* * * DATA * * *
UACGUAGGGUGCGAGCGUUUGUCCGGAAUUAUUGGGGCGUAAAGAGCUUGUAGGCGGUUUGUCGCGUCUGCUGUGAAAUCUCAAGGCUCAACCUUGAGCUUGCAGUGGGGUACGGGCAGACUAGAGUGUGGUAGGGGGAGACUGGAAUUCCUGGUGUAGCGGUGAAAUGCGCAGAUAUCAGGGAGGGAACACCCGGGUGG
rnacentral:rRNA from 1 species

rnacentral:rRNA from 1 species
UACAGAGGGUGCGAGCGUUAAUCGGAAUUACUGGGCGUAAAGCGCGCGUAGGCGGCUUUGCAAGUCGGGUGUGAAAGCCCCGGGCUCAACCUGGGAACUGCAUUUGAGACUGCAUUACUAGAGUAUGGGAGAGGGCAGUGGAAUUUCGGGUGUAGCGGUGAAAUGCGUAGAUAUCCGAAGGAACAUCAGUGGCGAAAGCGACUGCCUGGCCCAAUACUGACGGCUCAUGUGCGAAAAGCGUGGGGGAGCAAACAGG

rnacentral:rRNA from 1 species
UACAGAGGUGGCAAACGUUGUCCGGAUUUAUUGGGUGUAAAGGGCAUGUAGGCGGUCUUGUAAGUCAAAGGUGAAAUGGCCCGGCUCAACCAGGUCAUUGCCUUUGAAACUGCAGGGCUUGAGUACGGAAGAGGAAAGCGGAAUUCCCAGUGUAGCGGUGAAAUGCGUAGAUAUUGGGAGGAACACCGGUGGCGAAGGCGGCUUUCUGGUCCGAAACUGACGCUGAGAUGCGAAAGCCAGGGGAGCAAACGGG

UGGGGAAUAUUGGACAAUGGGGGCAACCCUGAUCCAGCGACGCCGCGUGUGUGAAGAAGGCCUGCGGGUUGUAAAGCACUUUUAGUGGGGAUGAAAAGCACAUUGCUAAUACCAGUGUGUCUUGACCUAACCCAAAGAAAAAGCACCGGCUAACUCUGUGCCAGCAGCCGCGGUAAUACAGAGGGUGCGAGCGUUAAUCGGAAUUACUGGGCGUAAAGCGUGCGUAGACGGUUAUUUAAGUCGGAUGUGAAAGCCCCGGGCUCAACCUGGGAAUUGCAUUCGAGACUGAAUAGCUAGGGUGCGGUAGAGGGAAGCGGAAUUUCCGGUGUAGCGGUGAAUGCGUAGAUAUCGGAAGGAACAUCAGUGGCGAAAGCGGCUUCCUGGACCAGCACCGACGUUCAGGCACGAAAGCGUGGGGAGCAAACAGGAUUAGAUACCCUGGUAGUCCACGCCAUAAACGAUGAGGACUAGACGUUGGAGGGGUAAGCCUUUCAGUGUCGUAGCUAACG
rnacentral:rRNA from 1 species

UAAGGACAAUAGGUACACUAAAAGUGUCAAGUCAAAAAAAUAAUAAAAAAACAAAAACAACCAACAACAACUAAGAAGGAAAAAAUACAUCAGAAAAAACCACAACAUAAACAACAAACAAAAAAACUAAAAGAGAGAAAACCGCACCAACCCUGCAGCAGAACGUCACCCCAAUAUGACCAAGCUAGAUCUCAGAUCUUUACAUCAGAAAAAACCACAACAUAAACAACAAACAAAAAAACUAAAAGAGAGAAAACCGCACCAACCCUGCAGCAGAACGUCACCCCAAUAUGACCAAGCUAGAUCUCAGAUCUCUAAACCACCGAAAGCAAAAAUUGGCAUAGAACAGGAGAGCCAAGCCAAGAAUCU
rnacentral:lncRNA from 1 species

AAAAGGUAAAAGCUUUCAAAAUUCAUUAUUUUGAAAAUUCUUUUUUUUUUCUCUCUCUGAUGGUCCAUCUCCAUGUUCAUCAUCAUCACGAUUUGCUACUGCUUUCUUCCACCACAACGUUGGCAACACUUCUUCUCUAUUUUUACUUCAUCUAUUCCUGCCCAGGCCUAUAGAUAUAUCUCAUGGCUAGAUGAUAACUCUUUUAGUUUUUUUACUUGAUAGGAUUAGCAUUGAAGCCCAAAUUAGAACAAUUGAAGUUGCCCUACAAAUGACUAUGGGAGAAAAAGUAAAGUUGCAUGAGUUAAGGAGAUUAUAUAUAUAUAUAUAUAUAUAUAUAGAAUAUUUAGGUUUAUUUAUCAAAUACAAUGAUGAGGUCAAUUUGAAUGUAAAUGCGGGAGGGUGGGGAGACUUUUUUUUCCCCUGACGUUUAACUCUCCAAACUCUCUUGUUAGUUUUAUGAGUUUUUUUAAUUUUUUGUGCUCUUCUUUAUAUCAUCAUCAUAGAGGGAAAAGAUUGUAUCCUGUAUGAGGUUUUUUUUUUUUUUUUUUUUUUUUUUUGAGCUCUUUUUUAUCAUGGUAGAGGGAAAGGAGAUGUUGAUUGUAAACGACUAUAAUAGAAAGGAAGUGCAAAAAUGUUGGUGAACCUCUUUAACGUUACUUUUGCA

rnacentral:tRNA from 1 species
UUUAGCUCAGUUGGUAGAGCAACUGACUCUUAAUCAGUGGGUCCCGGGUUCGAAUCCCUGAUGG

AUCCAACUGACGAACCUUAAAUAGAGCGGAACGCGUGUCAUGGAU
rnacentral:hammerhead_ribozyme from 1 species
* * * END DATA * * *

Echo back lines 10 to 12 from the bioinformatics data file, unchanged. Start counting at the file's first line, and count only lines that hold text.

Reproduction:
rnacentral:lncRNA from 1 species

AAAAGGUAAAAGCUUUCAAAAUUCAUUAUUUUGAAAAUUCUUUUUUUUUUCUCUCUCUGAUGGUCCAUCUCCAUGUUCAUCAUCAUCACGAUUUGCUACUGCUUUCUUCCACCACAACGUUGGCAACACUUCUUCUCUAUUUUUACUUCAUCUAUUCCUGCCCAGGCCUAUAGAUAUAUCUCAUGGCUAGAUGAUAACUCUUUUAGUUUUUUUACUUGAUAGGAUUAGCAUUGAAGCCCAAAUUAGAACAAUUGAAGUUGCCCUACAAAUGACUAUGGGAGAAAAAGUAAAGUUGCAUGAGUUAAGGAGAUUAUAUAUAUAUAUAUAUAUAUAUAUAGAAUAUUUAGGUUUAUUUAUCAAAUACAAUGAUGAGGUCAAUUUGAAUGUAAAUGCGGGAGGGUGGGGAGACUUUUUUUUCCCCUGACGUUUAACUCUCCAAACUCUCUUGUUAGUUUUAUGAGUUUUUUUAAUUUUUUGUGCUCUUCUUUAUAUCAUCAUCAUAGAGGGAAAAGAUUGUAUCCUGUAUGAGGUUUUUUUUUUUUUUUUUUUUUUUUUUUGAGCUCUUUUUUAUCAUGGUAGAGGGAAAGGAGAUGUUGAUUGUAAACGACUAUAAUAGAAAGGAAGUGCAAAAAUGUUGGUGAACCUCUUUAACGUUACUUUUGCA

rnacentral:tRNA from 1 species